Monthly Letter from the Clergy.


Reverend Tim Parker


Dear Friends,

‘I’d believe in God if someone could prove it to me…’ is a proposition that is voiced in all sorts of ways by lots of different people. And it is one which, as a Christian with a scientific background, I have often felt compelled to have something of an answer for.

I used to respond by getting the coffee pot on and walking people through a quick summary of modern physics and the latest cosmological theories… but as interesting as that may be (for some!) it’s not really what is being questioned. There is a much deeper inquiry that needs to be engaged with about what it means for us as human beings to know anything at all.

When someone asks for proof of God, usually they are expecting either a deeply miraculous experience – like the clouds opening and a voice from heaven pronouncing “Yes Tim, it’s all true!” – or, in contrast, a deeply rational experience – some experiment that undeniably detects the divine substance at the core of creation.

Both very different ‘proofs’, however, are related by the same thing: they are both about the laws of nature, in one case being violated and the other corroborated in order to point to the divine. That observation is interesting because if breaking the laws of physics and satisfying the laws of physics are both satisfactory proofs for the divine, then it suggests that the proof for which we are actually looking is not contingent on the laws of physics in the first place.

To look at it another way, most people today would say they believe in human rights; so much so that they would look a little puzzled were I to say, “I’ll only believe in humans rights if you can prove them to me”. The reason of course is that human rights are simply a fundamental part of our culture, the historical development of which came about in part as a response to some of the purely rationalistic endeavours of science like eugenics and social engineering, the darker side of which we had come to see. We believe in human rights now but certainly not because they are empirically proven.

A better example might be the couple I married at St. Mary’s a few years back – both scientists at university labs, working each day at the cutting edge of research. But on their wedding day, there was not a test tube in sight. They made their life changing declarations of love without conducting any experiment to ‘prove’ they were in love or that they had found ‘the one’ for them… they just knew. And that’s the reality of it.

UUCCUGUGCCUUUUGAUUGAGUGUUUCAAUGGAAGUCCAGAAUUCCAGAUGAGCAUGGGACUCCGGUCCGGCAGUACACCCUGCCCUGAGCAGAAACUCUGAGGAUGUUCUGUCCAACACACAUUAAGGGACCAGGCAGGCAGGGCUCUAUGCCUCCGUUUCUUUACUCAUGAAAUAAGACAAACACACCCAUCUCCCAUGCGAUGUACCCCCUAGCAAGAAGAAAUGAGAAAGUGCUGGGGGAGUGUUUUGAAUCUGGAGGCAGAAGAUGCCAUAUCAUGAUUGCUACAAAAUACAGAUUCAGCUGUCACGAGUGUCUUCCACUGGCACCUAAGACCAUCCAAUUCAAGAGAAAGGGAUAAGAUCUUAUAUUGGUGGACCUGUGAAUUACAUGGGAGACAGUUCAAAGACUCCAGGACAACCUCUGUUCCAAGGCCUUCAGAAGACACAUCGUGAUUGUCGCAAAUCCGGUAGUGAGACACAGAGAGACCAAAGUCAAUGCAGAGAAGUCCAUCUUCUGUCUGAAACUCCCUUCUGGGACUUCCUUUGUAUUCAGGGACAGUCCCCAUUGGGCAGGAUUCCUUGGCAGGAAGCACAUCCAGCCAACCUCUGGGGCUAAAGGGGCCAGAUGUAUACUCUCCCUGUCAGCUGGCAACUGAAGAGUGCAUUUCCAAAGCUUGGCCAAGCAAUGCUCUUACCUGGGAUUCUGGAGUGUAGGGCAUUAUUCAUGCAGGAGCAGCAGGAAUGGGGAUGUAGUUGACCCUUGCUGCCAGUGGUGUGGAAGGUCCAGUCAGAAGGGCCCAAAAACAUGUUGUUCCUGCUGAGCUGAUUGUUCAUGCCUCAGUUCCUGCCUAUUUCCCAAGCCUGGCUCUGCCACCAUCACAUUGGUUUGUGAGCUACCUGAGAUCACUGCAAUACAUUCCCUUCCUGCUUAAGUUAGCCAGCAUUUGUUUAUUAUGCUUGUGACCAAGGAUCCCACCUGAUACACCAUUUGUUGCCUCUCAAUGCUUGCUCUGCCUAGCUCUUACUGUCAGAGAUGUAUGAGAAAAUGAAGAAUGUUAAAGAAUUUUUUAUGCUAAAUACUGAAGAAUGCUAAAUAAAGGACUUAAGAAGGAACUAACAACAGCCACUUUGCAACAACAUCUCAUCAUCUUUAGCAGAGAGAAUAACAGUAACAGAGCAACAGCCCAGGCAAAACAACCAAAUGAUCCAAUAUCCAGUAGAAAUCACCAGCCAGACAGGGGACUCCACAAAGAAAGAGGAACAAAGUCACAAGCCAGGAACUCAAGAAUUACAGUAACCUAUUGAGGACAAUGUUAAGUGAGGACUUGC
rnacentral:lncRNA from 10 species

Human beings believe in things for all sorts of reasons, some of them evidential, historical, intuitive, cultural, experiential or, in many cases, a mix of all of the above. And that is where we come back to the proof of God question. Where can we find a ‘proof’ that speaks to all of the above? What proof are we really looking for?

What if, in answer to that question, God didn’t send an equation on a chalkboard but a person; a person in whom all these questions of truth and meaning and purpose come into focus, not just as a set of propositions, but as a life lived in beauty and truth. A life which could say “I am the way and the truth and the life” (John 14:6) not just because he alone had dealt with the sin which stood between us and God but because in him alone was a revelation of God which could speak to every aspect of our being.

Last month we had the first of our Big Questions events – afternoons spent looking a little deeper at some for the big questions of life and faith. Last month it was God and suffering. It went well and we are likely to be repeating the event later on in the year. But this month we are doing God and science, so if these questions interest you, why not come along and spend some time exploring the rationality of Christian faith today.

Reverend Tim